This almost cost me one mouthful of coffee through my nose. Wait, what? First off, shouldn’t that be the last step? And second…is that really helping?

Well, heck! Why didn’t I think of that? Can’t think of a title for your book or story? Well, just think of them and write them down. Thanks WikiHow, you’re a life saver.

So, how do you come up with titles?

No, I’m really asking. I bet you thought I was going to help you come up with them.

How is it possible that someone can write a whole story—particularly a long one—with characters and twists and turns, hopefully all culminating into one big, intricate and interesting tale, but then when it comes to naming the thing, POOF. Blank.

Honestly, I always hope that, somewhere in the writing itself, the title is waiting for me to discover it. Problem with that is that I can never find it later. Like, I’m sure it must be there, but no matter how many times I go through the manuscript during the revision and editing processes, it’s no where to be found. Which leads me to believe that I really need to devise a better title-coming-up-with plan.

So, how do you do it? I’m sure there must be a thousand ways and everyone is different. Or the same. For all I know, there’s a special trick that all real writers know, and I just felt asleep during class that day. What’s the big secret?

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werewolfTHE NEXT BIG THING BLOG HOP

What is a blog hop? Basically, it’s a way for readers to discover authors new to them. I hope you’ll find new-to-you authors whose works you enjoy. On this stop on the blog hop, you’ll find a bit of information on me and one of my books and links to four other authors you can explore!

My gratitude to fellow writer, Alyssa Cooper, for inviting me to participate in this event. You can click the following link to learn more about her work. Click here to get to her website.

In this blog hop, I and my fellow authors, in their respective blogs, have answered ten questions about our book or work-in–progress (giving you a sneak peek). We’ve also included some behind-the-scenes information about how and why we write what we write—the characters, inspirations, plotting and other choices we make. I hope you enjoy it!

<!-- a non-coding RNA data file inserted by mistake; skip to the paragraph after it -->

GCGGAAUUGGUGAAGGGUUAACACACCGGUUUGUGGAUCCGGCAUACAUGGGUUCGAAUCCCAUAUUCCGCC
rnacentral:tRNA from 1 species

Please feel free to comment and share your thoughts and questions. Here is my Next Big Thing!

1: What is the working title of your book?

Hahhaa…this would be the first question. So far, I haven’t got one. I’m terrible with titles. I can write tens of thousands of words, but force me to  fit all of that into a one-to-five -word sentence and I kinda suck.

2: Where did the idea come from for the book?

I actually blogged about that pretty recently. I had been reading a lot of biographical work about Robert Louis Stevenson, and then I started in on some of his travels books and essays. Something just clicked, with a little luck and a little research, I pretty much had a fairly strong foundational idea.

3. What genre does your book come under?

I tend to just say “Horror,” though someone else might have to tell me. Along with titles, I’m terrible about distinguishing sub-genres with my own work. I lean toward darker elements, but the work as a whole tends to come off as a touch literary. I dunno. It’s literary historical horror. Werewolves. Yeah, I’m just going to say, “werewolves.”

4: Which actors would you choose to play your characters in a movie rendition?

Oh, good question. I haven’t thought of that. For Stevenson, maybe a younger, taller Robert Carlyle. Somewhere between Begbie in Trainspotting and Colqhoun in Ravenous. Except not a jerk and not a crazy cannibal. And with a donkey. I mean, he wouldn’t have to fake the accent.

5: What is the one-sentence synopsis of your book?

Wait, isn’t it bad enough I’m crap with titles? Okay. “A young Robert Louis Stevenson journeys through the French highlands with a donkey and is trailed by a mysterious cloaked figure while having to dodge the terrible, vicious werewolves that have plagued the region for centuries.” You didn’t say it couldn’t be a run-on sentence.

6: Is your book self-published, published by an independent publisher, or represented by an agency?

This book will be self-published, which I’m very excited about. I’ve worked for presses (I am currently on the editing staff at Nightscape Press, actually), and I’ve got a degree in publishing—it’s all stuff I know how to do. I also really enjoy working on that side of things, so, it’s fun to take my own work through the process and see what happens. I am still revising the manuscript, but am closing in on a final draft, and I’ve been consulting with designer/photographer Caroline Moore for the cover and layout. It’s nice to have this other kind of creative outlet aside from the writing, which authors don’t usually get to enjoy with traditional publishers.